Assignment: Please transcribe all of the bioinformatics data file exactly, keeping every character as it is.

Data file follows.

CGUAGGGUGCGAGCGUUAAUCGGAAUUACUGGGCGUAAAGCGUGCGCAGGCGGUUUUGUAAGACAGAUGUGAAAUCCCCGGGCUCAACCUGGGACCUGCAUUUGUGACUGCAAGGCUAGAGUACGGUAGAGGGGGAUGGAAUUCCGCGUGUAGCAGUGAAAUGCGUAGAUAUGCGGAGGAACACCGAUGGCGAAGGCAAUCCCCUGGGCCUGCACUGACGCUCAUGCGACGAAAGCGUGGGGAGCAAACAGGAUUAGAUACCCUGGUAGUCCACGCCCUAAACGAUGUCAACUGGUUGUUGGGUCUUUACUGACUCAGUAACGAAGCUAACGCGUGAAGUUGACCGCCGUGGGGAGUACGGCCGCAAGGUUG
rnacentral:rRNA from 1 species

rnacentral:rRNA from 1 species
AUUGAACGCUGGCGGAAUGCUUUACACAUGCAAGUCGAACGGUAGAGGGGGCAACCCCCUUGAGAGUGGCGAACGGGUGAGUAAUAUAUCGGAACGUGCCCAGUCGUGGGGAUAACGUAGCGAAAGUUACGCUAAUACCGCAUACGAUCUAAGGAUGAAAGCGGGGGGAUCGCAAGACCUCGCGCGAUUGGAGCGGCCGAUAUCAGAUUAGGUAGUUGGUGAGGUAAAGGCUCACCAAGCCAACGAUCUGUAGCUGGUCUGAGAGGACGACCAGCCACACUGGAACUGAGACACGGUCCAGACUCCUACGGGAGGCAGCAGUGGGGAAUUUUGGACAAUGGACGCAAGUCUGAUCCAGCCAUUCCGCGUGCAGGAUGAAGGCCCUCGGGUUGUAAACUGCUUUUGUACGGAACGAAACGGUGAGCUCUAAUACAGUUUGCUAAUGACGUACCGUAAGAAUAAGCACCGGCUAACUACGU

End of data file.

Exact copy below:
CGUAGGGUGCGAGCGUUAAUCGGAAUUACUGGGCGUAAAGCGUGCGCAGGCGGUUUUGUAAGACAGAUGUGAAAUCCCCGGGCUCAACCUGGGACCUGCAUUUGUGACUGCAAGGCUAGAGUACGGUAGAGGGGGAUGGAAUUCCGCGUGUAGCAGUGAAAUGCGUAGAUAUGCGGAGGAACACCGAUGGCGAAGGCAAUCCCCUGGGCCUGCACUGACGCUCAUGCGACGAAAGCGUGGGGAGCAAACAGGAUUAGAUACCCUGGUAGUCCACGCCCUAAACGAUGUCAACUGGUUGUUGGGUCUUUACUGACUCAGUAACGAAGCUAACGCGUGAAGUUGACCGCCGUGGGGAGUACGGCCGCAAGGUUG
rnacentral:rRNA from 1 species

rnacentral:rRNA from 1 species
AUUGAACGCUGGCGGAAUGCUUUACACAUGCAAGUCGAACGGUAGAGGGGGCAACCCCCUUGAGAGUGGCGAACGGGUGAGUAAUAUAUCGGAACGUGCCCAGUCGUGGGGAUAACGUAGCGAAAGUUACGCUAAUACCGCAUACGAUCUAAGGAUGAAAGCGGGGGGAUCGCAAGACCUCGCGCGAUUGGAGCGGCCGAUAUCAGAUUAGGUAGUUGGUGAGGUAAAGGCUCACCAAGCCAACGAUCUGUAGCUGGUCUGAGAGGACGACCAGCCACACUGGAACUGAGACACGGUCCAGACUCCUACGGGAGGCAGCAGUGGGGAAUUUUGGACAAUGGACGCAAGUCUGAUCCAGCCAUUCCGCGUGCAGGAUGAAGGCCCUCGGGUUGUAAACUGCUUUUGUACGGAACGAAACGGUGAGCUCUAAUACAGUUUGCUAAUGACGUACCGUAAGAAUAAGCACCGGCUAACUACGU